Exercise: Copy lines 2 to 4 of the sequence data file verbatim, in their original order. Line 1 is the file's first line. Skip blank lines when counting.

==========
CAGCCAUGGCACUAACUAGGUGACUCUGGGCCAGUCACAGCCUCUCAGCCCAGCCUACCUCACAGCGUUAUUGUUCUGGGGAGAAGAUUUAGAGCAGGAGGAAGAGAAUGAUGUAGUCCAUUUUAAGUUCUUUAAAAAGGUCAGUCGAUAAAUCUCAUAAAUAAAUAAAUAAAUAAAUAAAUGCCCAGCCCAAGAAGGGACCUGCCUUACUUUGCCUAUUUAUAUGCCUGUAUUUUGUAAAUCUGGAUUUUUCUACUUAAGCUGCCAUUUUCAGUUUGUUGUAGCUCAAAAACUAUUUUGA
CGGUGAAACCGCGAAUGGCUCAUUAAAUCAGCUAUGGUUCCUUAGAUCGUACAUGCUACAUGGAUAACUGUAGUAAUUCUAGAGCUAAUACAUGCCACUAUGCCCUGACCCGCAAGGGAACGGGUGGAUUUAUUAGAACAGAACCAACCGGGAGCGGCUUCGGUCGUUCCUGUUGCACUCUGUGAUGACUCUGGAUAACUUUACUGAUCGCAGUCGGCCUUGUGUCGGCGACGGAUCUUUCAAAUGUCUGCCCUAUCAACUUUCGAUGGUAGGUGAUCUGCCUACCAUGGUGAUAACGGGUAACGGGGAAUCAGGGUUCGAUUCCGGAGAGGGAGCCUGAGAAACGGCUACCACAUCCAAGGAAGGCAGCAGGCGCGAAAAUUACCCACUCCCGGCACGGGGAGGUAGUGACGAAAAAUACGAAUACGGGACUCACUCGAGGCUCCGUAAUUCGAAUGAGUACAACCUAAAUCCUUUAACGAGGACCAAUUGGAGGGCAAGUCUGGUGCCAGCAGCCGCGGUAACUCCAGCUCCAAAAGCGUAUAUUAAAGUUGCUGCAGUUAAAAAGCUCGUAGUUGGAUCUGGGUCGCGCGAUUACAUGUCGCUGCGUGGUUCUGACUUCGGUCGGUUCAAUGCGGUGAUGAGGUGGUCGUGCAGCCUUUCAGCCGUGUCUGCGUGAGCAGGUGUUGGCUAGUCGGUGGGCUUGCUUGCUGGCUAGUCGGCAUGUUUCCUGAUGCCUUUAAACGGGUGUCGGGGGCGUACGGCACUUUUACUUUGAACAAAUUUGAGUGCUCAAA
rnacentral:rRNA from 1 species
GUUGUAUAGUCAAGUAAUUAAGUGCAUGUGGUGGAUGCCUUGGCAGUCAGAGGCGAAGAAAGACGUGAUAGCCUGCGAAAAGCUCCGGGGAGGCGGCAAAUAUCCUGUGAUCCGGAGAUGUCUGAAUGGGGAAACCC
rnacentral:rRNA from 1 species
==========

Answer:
CGGUGAAACCGCGAAUGGCUCAUUAAAUCAGCUAUGGUUCCUUAGAUCGUACAUGCUACAUGGAUAACUGUAGUAAUUCUAGAGCUAAUACAUGCCACUAUGCCCUGACCCGCAAGGGAACGGGUGGAUUUAUUAGAACAGAACCAACCGGGAGCGGCUUCGGUCGUUCCUGUUGCACUCUGUGAUGACUCUGGAUAACUUUACUGAUCGCAGUCGGCCUUGUGUCGGCGACGGAUCUUUCAAAUGUCUGCCCUAUCAACUUUCGAUGGUAGGUGAUCUGCCUACCAUGGUGAUAACGGGUAACGGGGAAUCAGGGUUCGAUUCCGGAGAGGGAGCCUGAGAAACGGCUACCACAUCCAAGGAAGGCAGCAGGCGCGAAAAUUACCCACUCCCGGCACGGGGAGGUAGUGACGAAAAAUACGAAUACGGGACUCACUCGAGGCUCCGUAAUUCGAAUGAGUACAACCUAAAUCCUUUAACGAGGACCAAUUGGAGGGCAAGUCUGGUGCCAGCAGCCGCGGUAACUCCAGCUCCAAAAGCGUAUAUUAAAGUUGCUGCAGUUAAAAAGCUCGUAGUUGGAUCUGGGUCGCGCGAUUACAUGUCGCUGCGUGGUUCUGACUUCGGUCGGUUCAAUGCGGUGAUGAGGUGGUCGUGCAGCCUUUCAGCCGUGUCUGCGUGAGCAGGUGUUGGCUAGUCGGUGGGCUUGCUUGCUGGCUAGUCGGCAUGUUUCCUGAUGCCUUUAAACGGGUGUCGGGGGCGUACGGCACUUUUACUUUGAACAAAUUUGAGUGCUCAAA
rnacentral:rRNA from 1 species
GUUGUAUAGUCAAGUAAUUAAGUGCAUGUGGUGGAUGCCUUGGCAGUCAGAGGCGAAGAAAGACGUGAUAGCCUGCGAAAAGCUCCGGGGAGGCGGCAAAUAUCCUGUGAUCCGGAGAUGUCUGAAUGGGGAAACCC